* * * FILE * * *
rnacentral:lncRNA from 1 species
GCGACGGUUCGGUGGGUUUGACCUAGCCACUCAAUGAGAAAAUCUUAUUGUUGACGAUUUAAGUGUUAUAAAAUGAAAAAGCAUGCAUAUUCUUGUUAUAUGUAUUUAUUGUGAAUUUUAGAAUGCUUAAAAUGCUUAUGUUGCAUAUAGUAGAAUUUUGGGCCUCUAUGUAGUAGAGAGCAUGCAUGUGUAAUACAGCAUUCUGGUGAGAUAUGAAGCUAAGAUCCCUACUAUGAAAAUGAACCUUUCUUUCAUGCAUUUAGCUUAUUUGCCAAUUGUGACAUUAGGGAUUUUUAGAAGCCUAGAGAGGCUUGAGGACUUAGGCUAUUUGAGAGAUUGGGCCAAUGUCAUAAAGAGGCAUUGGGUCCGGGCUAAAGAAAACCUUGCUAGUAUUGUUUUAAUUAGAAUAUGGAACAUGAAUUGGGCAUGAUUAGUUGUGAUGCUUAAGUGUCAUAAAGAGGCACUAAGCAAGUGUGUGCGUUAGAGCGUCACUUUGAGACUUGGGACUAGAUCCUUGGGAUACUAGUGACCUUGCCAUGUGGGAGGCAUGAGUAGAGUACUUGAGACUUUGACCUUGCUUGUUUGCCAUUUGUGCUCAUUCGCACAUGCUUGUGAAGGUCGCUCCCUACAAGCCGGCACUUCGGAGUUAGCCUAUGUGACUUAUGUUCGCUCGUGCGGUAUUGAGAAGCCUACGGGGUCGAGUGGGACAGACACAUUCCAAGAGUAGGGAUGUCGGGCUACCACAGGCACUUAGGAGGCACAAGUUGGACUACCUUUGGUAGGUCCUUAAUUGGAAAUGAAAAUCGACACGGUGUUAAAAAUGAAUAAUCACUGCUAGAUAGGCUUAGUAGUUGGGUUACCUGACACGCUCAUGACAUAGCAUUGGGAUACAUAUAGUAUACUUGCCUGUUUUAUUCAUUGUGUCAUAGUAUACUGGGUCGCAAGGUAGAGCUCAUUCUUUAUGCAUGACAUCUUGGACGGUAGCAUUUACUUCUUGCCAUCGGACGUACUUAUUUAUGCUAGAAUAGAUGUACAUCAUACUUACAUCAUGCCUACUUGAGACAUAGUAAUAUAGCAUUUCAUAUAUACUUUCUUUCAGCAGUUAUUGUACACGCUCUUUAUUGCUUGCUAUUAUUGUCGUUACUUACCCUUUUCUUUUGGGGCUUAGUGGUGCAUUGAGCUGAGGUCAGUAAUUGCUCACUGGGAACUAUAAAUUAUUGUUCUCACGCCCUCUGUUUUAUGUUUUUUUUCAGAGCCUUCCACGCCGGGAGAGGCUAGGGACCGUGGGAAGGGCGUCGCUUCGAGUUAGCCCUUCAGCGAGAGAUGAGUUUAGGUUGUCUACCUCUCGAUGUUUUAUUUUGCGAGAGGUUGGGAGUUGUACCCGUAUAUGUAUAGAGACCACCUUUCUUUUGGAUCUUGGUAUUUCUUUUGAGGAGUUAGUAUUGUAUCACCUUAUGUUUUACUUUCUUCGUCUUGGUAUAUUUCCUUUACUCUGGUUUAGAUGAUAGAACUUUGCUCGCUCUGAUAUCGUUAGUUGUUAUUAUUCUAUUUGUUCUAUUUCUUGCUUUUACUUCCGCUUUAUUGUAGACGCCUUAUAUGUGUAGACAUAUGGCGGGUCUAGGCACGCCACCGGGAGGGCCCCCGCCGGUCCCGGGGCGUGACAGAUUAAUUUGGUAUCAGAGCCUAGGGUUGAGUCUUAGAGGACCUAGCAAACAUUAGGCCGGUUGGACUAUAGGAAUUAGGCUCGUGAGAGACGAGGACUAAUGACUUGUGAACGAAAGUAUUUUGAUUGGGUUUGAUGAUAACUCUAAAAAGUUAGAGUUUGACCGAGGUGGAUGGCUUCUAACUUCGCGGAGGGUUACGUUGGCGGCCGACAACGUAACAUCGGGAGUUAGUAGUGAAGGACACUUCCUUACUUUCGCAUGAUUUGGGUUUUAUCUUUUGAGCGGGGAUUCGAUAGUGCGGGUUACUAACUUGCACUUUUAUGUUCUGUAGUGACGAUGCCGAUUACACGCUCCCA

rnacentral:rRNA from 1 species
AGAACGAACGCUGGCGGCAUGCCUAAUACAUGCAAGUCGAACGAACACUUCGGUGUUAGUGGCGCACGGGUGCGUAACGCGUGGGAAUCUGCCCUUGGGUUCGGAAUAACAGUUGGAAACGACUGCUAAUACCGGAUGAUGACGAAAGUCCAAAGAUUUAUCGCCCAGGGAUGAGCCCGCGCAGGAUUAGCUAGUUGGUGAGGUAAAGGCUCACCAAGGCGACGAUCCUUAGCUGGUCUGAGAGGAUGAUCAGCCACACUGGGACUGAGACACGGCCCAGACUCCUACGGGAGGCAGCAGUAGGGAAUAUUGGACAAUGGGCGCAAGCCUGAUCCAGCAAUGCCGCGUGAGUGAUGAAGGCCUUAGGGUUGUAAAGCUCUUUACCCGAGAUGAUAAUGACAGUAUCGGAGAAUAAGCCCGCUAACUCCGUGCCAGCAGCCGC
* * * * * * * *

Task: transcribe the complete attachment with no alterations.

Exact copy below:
rnacentral:lncRNA from 1 species
GCGACGGUUCGGUGGGUUUGACCUAGCCACUCAAUGAGAAAAUCUUAUUGUUGACGAUUUAAGUGUUAUAAAAUGAAAAAGCAUGCAUAUUCUUGUUAUAUGUAUUUAUUGUGAAUUUUAGAAUGCUUAAAAUGCUUAUGUUGCAUAUAGUAGAAUUUUGGGCCUCUAUGUAGUAGAGAGCAUGCAUGUGUAAUACAGCAUUCUGGUGAGAUAUGAAGCUAAGAUCCCUACUAUGAAAAUGAACCUUUCUUUCAUGCAUUUAGCUUAUUUGCCAAUUGUGACAUUAGGGAUUUUUAGAAGCCUAGAGAGGCUUGAGGACUUAGGCUAUUUGAGAGAUUGGGCCAAUGUCAUAAAGAGGCAUUGGGUCCGGGCUAAAGAAAACCUUGCUAGUAUUGUUUUAAUUAGAAUAUGGAACAUGAAUUGGGCAUGAUUAGUUGUGAUGCUUAAGUGUCAUAAAGAGGCACUAAGCAAGUGUGUGCGUUAGAGCGUCACUUUGAGACUUGGGACUAGAUCCUUGGGAUACUAGUGACCUUGCCAUGUGGGAGGCAUGAGUAGAGUACUUGAGACUUUGACCUUGCUUGUUUGCCAUUUGUGCUCAUUCGCACAUGCUUGUGAAGGUCGCUCCCUACAAGCCGGCACUUCGGAGUUAGCCUAUGUGACUUAUGUUCGCUCGUGCGGUAUUGAGAAGCCUACGGGGUCGAGUGGGACAGACACAUUCCAAGAGUAGGGAUGUCGGGCUACCACAGGCACUUAGGAGGCACAAGUUGGACUACCUUUGGUAGGUCCUUAAUUGGAAAUGAAAAUCGACACGGUGUUAAAAAUGAAUAAUCACUGCUAGAUAGGCUUAGUAGUUGGGUUACCUGACACGCUCAUGACAUAGCAUUGGGAUACAUAUAGUAUACUUGCCUGUUUUAUUCAUUGUGUCAUAGUAUACUGGGUCGCAAGGUAGAGCUCAUUCUUUAUGCAUGACAUCUUGGACGGUAGCAUUUACUUCUUGCCAUCGGACGUACUUAUUUAUGCUAGAAUAGAUGUACAUCAUACUUACAUCAUGCCUACUUGAGACAUAGUAAUAUAGCAUUUCAUAUAUACUUUCUUUCAGCAGUUAUUGUACACGCUCUUUAUUGCUUGCUAUUAUUGUCGUUACUUACCCUUUUCUUUUGGGGCUUAGUGGUGCAUUGAGCUGAGGUCAGUAAUUGCUCACUGGGAACUAUAAAUUAUUGUUCUCACGCCCUCUGUUUUAUGUUUUUUUUCAGAGCCUUCCACGCCGGGAGAGGCUAGGGACCGUGGGAAGGGCGUCGCUUCGAGUUAGCCCUUCAGCGAGAGAUGAGUUUAGGUUGUCUACCUCUCGAUGUUUUAUUUUGCGAGAGGUUGGGAGUUGUACCCGUAUAUGUAUAGAGACCACCUUUCUUUUGGAUCUUGGUAUUUCUUUUGAGGAGUUAGUAUUGUAUCACCUUAUGUUUUACUUUCUUCGUCUUGGUAUAUUUCCUUUACUCUGGUUUAGAUGAUAGAACUUUGCUCGCUCUGAUAUCGUUAGUUGUUAUUAUUCUAUUUGUUCUAUUUCUUGCUUUUACUUCCGCUUUAUUGUAGACGCCUUAUAUGUGUAGACAUAUGGCGGGUCUAGGCACGCCACCGGGAGGGCCCCCGCCGGUCCCGGGGCGUGACAGAUUAAUUUGGUAUCAGAGCCUAGGGUUGAGUCUUAGAGGACCUAGCAAACAUUAGGCCGGUUGGACUAUAGGAAUUAGGCUCGUGAGAGACGAGGACUAAUGACUUGUGAACGAAAGUAUUUUGAUUGGGUUUGAUGAUAACUCUAAAAAGUUAGAGUUUGACCGAGGUGGAUGGCUUCUAACUUCGCGGAGGGUUACGUUGGCGGCCGACAACGUAACAUCGGGAGUUAGUAGUGAAGGACACUUCCUUACUUUCGCAUGAUUUGGGUUUUAUCUUUUGAGCGGGGAUUCGAUAGUGCGGGUUACUAACUUGCACUUUUAUGUUCUGUAGUGACGAUGCCGAUUACACGCUCCCA

rnacentral:rRNA from 1 species
AGAACGAACGCUGGCGGCAUGCCUAAUACAUGCAAGUCGAACGAACACUUCGGUGUUAGUGGCGCACGGGUGCGUAACGCGUGGGAAUCUGCCCUUGGGUUCGGAAUAACAGUUGGAAACGACUGCUAAUACCGGAUGAUGACGAAAGUCCAAAGAUUUAUCGCCCAGGGAUGAGCCCGCGCAGGAUUAGCUAGUUGGUGAGGUAAAGGCUCACCAAGGCGACGAUCCUUAGCUGGUCUGAGAGGAUGAUCAGCCACACUGGGACUGAGACACGGCCCAGACUCCUACGGGAGGCAGCAGUAGGGAAUAUUGGACAAUGGGCGCAAGCCUGAUCCAGCAAUGCCGCGUGAGUGAUGAAGGCCUUAGGGUUGUAAAGCUCUUUACCCGAGAUGAUAAUGACAGUAUCGGAGAAUAAGCCCGCUAACUCCGUGCCAGCAGCCGC